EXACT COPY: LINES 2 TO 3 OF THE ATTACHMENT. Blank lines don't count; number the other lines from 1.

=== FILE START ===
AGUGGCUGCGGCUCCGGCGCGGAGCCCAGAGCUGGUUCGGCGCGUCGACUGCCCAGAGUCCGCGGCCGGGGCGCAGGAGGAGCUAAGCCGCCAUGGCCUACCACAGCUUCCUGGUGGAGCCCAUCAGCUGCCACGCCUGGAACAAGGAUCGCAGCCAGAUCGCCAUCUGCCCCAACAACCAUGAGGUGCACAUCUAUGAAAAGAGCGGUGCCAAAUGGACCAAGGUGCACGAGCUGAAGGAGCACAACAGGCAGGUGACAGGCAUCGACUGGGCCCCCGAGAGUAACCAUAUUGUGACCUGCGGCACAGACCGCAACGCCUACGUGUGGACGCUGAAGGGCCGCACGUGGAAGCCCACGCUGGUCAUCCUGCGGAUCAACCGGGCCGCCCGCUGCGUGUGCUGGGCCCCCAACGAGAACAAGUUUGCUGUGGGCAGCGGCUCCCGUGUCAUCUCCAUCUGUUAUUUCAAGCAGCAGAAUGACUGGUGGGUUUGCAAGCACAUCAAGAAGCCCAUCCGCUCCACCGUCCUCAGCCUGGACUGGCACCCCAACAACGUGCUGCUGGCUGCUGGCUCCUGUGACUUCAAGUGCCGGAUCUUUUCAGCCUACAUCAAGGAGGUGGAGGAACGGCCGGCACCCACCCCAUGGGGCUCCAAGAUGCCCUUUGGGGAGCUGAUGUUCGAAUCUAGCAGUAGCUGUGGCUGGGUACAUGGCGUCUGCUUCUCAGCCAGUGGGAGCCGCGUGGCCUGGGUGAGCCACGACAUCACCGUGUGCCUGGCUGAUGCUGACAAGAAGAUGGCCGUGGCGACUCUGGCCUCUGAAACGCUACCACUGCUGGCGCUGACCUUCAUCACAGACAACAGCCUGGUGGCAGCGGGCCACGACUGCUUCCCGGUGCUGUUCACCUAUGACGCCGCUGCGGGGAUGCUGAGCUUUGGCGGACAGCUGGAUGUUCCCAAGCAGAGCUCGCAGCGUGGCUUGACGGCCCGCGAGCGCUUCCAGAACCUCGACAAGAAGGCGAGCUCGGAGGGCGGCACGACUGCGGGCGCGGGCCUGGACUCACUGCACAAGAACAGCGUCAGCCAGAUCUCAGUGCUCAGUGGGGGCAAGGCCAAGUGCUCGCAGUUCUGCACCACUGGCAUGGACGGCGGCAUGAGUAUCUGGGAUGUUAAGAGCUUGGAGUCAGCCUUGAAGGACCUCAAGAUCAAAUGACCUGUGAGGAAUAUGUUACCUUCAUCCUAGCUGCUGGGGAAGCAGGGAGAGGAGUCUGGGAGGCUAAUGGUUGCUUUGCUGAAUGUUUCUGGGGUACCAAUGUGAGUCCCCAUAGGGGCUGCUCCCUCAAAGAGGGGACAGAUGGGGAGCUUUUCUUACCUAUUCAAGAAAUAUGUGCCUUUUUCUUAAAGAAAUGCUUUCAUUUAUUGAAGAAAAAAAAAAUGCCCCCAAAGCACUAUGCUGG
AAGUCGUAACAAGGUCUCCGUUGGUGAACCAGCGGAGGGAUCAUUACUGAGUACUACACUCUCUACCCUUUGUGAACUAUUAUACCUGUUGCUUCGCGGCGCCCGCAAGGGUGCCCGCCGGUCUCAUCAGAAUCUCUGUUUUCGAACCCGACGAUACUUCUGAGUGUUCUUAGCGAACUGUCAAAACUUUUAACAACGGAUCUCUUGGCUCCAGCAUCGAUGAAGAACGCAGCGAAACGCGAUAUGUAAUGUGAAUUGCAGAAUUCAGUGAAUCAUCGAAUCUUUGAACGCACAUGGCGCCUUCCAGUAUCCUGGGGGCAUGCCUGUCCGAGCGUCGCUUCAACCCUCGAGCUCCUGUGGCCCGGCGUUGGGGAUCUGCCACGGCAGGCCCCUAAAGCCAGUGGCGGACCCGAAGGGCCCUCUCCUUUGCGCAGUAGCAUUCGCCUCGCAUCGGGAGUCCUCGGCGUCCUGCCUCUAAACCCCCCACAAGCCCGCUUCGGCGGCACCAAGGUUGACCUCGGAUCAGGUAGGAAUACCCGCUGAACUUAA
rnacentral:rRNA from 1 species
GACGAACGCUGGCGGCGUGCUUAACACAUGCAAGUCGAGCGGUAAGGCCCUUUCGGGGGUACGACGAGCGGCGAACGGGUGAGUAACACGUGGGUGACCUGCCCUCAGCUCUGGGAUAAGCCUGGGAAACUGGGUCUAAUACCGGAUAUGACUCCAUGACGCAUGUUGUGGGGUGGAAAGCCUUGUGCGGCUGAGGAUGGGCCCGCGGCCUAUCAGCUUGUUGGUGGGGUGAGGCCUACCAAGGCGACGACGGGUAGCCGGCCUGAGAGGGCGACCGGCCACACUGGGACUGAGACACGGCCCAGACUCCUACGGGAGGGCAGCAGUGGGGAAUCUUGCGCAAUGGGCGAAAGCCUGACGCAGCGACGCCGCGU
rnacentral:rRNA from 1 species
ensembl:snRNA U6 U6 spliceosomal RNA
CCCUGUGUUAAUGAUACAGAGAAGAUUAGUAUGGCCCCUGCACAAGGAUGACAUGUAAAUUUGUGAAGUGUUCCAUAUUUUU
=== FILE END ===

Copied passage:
AAGUCGUAACAAGGUCUCCGUUGGUGAACCAGCGGAGGGAUCAUUACUGAGUACUACACUCUCUACCCUUUGUGAACUAUUAUACCUGUUGCUUCGCGGCGCCCGCAAGGGUGCCCGCCGGUCUCAUCAGAAUCUCUGUUUUCGAACCCGACGAUACUUCUGAGUGUUCUUAGCGAACUGUCAAAACUUUUAACAACGGAUCUCUUGGCUCCAGCAUCGAUGAAGAACGCAGCGAAACGCGAUAUGUAAUGUGAAUUGCAGAAUUCAGUGAAUCAUCGAAUCUUUGAACGCACAUGGCGCCUUCCAGUAUCCUGGGGGCAUGCCUGUCCGAGCGUCGCUUCAACCCUCGAGCUCCUGUGGCCCGGCGUUGGGGAUCUGCCACGGCAGGCCCCUAAAGCCAGUGGCGGACCCGAAGGGCCCUCUCCUUUGCGCAGUAGCAUUCGCCUCGCAUCGGGAGUCCUCGGCGUCCUGCCUCUAAACCCCCCACAAGCCCGCUUCGGCGGCACCAAGGUUGACCUCGGAUCAGGUAGGAAUACCCGCUGAACUUAA
rnacentral:rRNA from 1 species